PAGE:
Environment  > Farm Animal Waste and the Clean Water Dilemma


How the America's diet style is destroying its ground water
Farm Sanctuary News - Spring 1998


Nationwide, 130 times more animal waste is produced than human waste -- five tons of it per person -- making individual livestock operations the waste equivalent of a major city. A 50,000-acre swine operation, for example, in southwest Utah -- which has been designed to produce 2.5 million hogs each year -- has a potential waste output greater than the entire city of Los Angeles.


Due to a lack of sufficient land in which to handle the waste produced by America's livestock animals, the U.S. Department of Agriculture has recently described the animal waste issue as "a serious policy problem." Further, the Environmental Protection Agency has identified more than 60 rivers and streams as "impaired" due to the waste runoff from agricultural uses. The largest contributor to this pollution is animal waste -- from the factory farms and feedlots producing the nearly nine billion animals raised for food each year.


Public concerns about nutrient enrichment of waterways have also been heightened by toxic algae and microbes in recent years: three people dead and 100 sick in Canada; 162 dolphins, a sea lion and at least four whales dead in Mexico; thousands of tropical fish dead off Florida; 304 dead manatees in Florida; hundreds of brown pelicans dead in California. In the Gulf of Mexico, nutrients from farm runoff -- including animal waste -- are linked to the formation of a so-called "dead zone" of hypoxia (low oxygen) in the Gulf as large as 7,000 square miles.


The estimated annual U.S. manure production (1997) piles up like this: Cattle 1,229,190,000 tons; hogs 116,652,300; chickens 14,394,000; turkeys 5,425,000. The annual production of more than 600 million chickens on the Delmarva Peninsula (the Chesapeake Bay tri-state area) yields over 3.2 billion pounds of raw waste each year, 13.8 million pounds of phosphorus, 48.2 million pounds of nitrogen -- as much nitrogen as in the waste from a city of 490,000 humans. The 1,600 dairies in the Central Valley of California alone produce more waste than a city of 21 million people.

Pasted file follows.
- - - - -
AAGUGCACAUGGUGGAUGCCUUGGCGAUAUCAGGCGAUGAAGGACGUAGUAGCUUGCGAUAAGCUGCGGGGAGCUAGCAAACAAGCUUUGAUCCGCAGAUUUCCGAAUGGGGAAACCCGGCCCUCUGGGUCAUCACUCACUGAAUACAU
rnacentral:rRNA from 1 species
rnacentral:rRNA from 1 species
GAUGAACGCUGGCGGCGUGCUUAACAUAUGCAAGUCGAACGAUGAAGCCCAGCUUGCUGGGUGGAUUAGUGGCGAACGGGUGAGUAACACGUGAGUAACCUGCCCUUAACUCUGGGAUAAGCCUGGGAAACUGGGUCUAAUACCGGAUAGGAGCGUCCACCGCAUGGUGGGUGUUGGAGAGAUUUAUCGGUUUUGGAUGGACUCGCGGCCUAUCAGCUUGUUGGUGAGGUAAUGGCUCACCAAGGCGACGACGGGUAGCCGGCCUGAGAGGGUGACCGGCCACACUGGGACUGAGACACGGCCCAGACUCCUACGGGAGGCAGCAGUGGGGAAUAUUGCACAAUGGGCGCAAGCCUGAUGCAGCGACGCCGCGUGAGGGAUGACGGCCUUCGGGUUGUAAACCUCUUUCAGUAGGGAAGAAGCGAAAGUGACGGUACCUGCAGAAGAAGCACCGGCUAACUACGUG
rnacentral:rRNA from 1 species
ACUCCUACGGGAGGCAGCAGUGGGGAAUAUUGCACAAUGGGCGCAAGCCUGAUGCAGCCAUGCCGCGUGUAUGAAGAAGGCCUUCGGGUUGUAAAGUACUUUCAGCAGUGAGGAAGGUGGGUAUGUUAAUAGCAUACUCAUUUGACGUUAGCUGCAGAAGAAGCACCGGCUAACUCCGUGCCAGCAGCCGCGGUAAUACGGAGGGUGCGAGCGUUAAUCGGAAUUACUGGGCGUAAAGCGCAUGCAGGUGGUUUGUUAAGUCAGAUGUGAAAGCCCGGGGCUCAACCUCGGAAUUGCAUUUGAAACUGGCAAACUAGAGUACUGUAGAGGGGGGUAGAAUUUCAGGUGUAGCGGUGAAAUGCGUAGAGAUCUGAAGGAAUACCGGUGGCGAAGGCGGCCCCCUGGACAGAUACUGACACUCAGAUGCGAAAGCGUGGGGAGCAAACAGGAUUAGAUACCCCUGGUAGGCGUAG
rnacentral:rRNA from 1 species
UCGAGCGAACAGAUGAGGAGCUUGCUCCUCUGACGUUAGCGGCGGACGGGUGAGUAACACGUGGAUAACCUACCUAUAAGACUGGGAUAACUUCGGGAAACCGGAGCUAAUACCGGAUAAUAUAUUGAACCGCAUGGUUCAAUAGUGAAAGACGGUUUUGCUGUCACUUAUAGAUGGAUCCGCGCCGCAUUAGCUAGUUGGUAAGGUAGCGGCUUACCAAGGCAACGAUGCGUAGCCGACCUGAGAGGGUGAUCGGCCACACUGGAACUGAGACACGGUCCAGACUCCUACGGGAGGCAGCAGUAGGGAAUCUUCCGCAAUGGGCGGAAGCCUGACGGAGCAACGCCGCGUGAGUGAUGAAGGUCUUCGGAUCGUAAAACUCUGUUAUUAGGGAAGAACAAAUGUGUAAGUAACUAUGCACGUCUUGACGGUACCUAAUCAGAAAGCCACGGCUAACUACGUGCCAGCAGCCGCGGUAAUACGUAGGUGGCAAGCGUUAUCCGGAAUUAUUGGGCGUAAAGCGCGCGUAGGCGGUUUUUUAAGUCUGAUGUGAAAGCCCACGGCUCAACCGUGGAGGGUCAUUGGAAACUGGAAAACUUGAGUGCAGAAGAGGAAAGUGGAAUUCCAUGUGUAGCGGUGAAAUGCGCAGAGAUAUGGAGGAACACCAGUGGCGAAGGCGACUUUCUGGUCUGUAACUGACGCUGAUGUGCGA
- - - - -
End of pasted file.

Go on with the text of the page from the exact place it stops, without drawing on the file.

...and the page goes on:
In his book, Diet for a New America, John Robbins calculates that human waste is produced at 25,000 pounds per second, compared to the 250,000 pounds per second produced by farm animals.


Animal waste permeates our water supply in several ways. When manure is applied to crop land in amounts greater than it can be used or retained by the soil, nitrogen, phosphorous and other nutrients leach into surface and ground water. Leaching from earthen waste storage lagoons may also pollute ground water. Following a disastrous series of spills in North Carolina three years ago, researchers examined manure lagoons across the state and found that half of them were leaking manure.